Anyone with even a passing interest in Maori history will have recognised the ability of Maori to select sites in the landscape that afforded them both a defensive and strategic advantage over any advancing enemy tribes. Often sites were at the top of cliffs, with sweeping views over plains and down river valleys, frequently bordered on at least one side by a river, which acted as a natural moat. Within the Manawatu, for example, the Rangitane pa sites Otangaki (Ashhurst) and Te Motu o Poutoa (Anzac Park) were examples of sites that took advantage of such geographical features.When Europeans first arrived in New Zealand, they were not so cognizant of the natural environment here, and often relied on tradition rather than a close reading of the landscape in constructing their homes and buildings. For example, the insistence on building colonial homes with windows and living spaces facing the south, rather than the north, demonstrated a stubborn incapacity to take simple factors such as sun position into account, and resulted in cold and gloomy homes.
However, sometimes pioneering settlers did read (and utilise) the landscape reasonably well, particularly when it was matter of life and death. The Cameron Blockhouse, 6 kilometres south of Wanganui at Marangai, is one such example. The blockhouse is a rare example of a timber blockhouse dating to the time of the New Zealand Wars. It was constructed by John Cameron, who arrived in New Zealand at the end of 1840 and took up land at Marangai. There, he set up a farm mainly breeding cattle, and built a homestead. In 1862, hostilities broke out between Maori and the Crown in Taranaki, and by 1868 Wanganui’s settlers believed that an attack by Riwha Titokowaru (died 1888), the highly effective Maori warrior and leader who campaigned against Crown alienation of Maori land, was a real possibility.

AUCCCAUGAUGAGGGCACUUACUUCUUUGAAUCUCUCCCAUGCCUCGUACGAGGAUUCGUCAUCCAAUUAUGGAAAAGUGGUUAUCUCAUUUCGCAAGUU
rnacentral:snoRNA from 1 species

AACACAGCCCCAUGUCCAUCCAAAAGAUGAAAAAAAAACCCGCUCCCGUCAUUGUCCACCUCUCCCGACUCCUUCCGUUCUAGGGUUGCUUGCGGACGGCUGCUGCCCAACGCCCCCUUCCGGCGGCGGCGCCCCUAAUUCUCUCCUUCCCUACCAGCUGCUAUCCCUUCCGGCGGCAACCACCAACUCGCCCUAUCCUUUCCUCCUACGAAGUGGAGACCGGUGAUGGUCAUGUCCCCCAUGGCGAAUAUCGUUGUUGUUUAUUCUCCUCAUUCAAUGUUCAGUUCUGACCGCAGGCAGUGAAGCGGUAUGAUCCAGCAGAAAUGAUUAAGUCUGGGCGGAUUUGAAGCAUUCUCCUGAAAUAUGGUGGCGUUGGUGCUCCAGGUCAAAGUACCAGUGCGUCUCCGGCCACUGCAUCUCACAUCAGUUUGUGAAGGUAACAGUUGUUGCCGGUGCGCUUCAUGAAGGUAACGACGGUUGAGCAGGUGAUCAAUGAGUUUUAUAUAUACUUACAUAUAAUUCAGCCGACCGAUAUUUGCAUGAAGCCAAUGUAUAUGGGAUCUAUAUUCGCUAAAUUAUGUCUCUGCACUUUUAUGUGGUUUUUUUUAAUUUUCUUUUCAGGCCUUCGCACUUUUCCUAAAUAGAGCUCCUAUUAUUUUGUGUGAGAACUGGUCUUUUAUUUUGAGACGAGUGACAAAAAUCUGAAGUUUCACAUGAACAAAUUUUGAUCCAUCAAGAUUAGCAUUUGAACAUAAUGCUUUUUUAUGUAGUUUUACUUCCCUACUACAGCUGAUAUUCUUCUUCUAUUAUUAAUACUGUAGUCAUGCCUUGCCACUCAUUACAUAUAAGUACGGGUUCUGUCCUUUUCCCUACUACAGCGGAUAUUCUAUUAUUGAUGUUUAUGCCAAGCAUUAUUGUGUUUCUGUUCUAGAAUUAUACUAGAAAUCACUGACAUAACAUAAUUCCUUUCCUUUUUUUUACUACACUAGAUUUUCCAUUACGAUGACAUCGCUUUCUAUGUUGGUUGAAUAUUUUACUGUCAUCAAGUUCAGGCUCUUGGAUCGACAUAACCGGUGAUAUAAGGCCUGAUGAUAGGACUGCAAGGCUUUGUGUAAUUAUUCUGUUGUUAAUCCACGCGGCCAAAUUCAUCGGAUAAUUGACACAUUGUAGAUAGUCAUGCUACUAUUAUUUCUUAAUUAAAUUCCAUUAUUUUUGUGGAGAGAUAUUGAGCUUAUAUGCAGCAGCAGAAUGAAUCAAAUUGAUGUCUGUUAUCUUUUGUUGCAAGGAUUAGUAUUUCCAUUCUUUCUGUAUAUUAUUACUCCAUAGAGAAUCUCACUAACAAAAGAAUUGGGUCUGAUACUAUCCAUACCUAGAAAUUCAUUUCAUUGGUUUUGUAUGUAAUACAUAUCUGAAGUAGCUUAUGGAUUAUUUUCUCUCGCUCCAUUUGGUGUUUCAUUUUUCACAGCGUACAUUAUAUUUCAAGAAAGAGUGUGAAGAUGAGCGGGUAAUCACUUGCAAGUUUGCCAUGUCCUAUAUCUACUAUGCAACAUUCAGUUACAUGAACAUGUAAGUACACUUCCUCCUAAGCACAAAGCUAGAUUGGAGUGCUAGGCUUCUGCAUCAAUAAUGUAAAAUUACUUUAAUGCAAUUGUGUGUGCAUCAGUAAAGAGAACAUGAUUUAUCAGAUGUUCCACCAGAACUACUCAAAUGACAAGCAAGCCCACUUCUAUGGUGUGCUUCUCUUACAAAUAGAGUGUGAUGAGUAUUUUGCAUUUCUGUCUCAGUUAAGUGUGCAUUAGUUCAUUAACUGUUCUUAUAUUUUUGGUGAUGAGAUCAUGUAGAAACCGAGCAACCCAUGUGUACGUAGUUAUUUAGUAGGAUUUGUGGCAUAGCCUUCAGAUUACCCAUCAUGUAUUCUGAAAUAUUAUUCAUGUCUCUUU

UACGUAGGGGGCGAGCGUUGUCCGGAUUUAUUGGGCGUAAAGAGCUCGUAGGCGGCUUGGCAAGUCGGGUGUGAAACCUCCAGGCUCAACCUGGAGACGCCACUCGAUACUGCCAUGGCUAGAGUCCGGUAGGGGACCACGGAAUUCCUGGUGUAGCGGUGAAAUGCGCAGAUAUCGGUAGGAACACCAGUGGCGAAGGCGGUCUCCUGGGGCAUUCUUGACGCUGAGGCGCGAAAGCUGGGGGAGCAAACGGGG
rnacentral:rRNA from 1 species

The Cameron blockhouse was built to provide a safe place for settlers and their families if they were under attack. Not only did it utilise a strategic position at the top of a steep hill with a sweeping view of the valley to the north, allowing the occupants to send and receive signals to people in two other blockhouses in the area, it also made use of available materials such as clay and sand to fill the “block” walls, to create bullet-proof walls.
Fortunately, its design was never tested, as the blockhouse never came under attack. It was later used as barn for housing stock, and eventually restored by volunteers. Today it is a New Zealand Historic Places Trust registered site and can be visited by the public.